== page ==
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Wednesday, 15 June 1904

Question - That the words " in respect to which" proposed to be inserted be so inserted - put. The Committee divided.

DIVISION:NOES 0 AYES 0 PAIRS 0
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AYES

 

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Question so resolved in the negative. Amendment negatived. Mr. WATSON. - I move-

That after the word "binding," line 13, the words " as a common rule " be inserted.

The amendment is largely a matter of drafting, and is in anticipation of power to make a common rule being conferred upon the Court by clause 46. Paragraph c, as it stands, might bear an interpretation which would allow the Court to extend the award to persons or organizations, without the- limitations in paragraphs / and £ of clause 46. The amendment makes paragraph c limited by the conditions set forth in clause 46. Paragraphs a and b, in our opinion, give sufficient power to the Court, irrespective of the common rule, and we take power in respect to the common rule under clause 46. I may add that, with the Attorney-General, I shall take intoconsideration the suggestions which have been made by the honorable member for, Richmond, the honorable and learned mem-, bers for Darling Downs and Corinella, and others, as to the possibility of liberalizing, as some would term it. the proposal I have put forward as to the circumstances under which the application of the common rule may be extended.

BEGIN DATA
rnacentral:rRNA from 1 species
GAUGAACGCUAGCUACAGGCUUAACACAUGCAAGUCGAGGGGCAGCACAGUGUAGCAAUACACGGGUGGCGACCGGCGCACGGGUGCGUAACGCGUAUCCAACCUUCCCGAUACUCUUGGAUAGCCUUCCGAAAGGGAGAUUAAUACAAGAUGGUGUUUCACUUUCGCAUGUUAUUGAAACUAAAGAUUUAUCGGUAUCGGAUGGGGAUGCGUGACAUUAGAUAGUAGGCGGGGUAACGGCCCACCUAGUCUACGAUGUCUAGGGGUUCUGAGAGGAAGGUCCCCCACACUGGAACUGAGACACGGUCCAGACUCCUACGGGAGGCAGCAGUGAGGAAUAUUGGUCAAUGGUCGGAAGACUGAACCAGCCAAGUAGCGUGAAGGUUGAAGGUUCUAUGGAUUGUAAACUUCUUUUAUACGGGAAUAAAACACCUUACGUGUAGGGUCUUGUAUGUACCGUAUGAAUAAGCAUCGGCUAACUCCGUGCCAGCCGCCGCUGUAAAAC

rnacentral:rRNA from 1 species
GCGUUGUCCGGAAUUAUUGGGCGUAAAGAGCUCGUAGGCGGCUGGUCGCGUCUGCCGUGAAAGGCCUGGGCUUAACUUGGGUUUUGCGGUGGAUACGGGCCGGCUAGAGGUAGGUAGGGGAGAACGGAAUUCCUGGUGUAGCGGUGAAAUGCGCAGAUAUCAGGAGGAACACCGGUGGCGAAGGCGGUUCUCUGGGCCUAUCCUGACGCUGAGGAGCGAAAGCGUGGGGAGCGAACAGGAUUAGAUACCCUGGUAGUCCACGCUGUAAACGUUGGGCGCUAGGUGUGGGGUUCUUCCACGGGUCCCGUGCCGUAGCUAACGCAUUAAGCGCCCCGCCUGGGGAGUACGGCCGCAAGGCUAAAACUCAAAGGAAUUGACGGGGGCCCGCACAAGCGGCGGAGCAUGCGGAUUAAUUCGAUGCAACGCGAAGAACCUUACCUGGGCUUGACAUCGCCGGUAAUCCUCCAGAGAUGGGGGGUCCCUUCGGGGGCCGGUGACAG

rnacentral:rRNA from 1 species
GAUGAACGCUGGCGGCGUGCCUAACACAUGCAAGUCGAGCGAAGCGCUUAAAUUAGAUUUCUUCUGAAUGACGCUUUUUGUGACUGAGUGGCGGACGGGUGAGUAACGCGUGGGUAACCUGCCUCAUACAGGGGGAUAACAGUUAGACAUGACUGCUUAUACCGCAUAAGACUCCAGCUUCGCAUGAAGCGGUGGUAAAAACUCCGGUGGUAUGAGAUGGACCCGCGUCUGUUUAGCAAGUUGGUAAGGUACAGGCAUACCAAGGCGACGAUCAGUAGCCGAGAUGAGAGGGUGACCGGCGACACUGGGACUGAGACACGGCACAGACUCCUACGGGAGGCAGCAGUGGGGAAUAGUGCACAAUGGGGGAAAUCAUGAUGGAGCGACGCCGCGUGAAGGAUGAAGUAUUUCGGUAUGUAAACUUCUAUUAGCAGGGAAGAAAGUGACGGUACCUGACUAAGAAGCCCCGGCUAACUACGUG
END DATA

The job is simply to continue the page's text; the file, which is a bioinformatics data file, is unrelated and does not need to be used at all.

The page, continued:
Mr. McCAY(Corinella). - As a matter of drafting, I would like the AttorneyGeneral to consider whether it is clear that the power of the Court to first vary the common rule, and then to declare it as varied to be binding, is made sufficiently clear. It is desired to enable the Court to vary its award, to make that varied award a common rule, and then to make the common rule binding.

Mr. HIGGINS(Northern MelbourneAttorneyGeneral). - I thank the honorable and learned member for his suggestion, and I shall endeavour to make the matter clear, if I find that it is not so already. I might remind the honorable and learned member for Ballarat that, in a speech which I made during the debate upon, the introduction of this Bill, I said that this clause was a dangerous one as it stood, because it might be taken to mean that the Court had power to declare an award binding on any organization or person without restriction, and I was assured by him that he meant it- to apply only to the case of the common rule. We all think that common rules are to be applied with the utmost care; but, inasmuch as we provide restrictions in a later part of the Bill, we simply say here that the Court, in declaring that an award shall be binding upon any organization or person, can make it so only in the course of a guarded application of the common rule.

Amendment agreed to.

Clause, as amended, agreed to.







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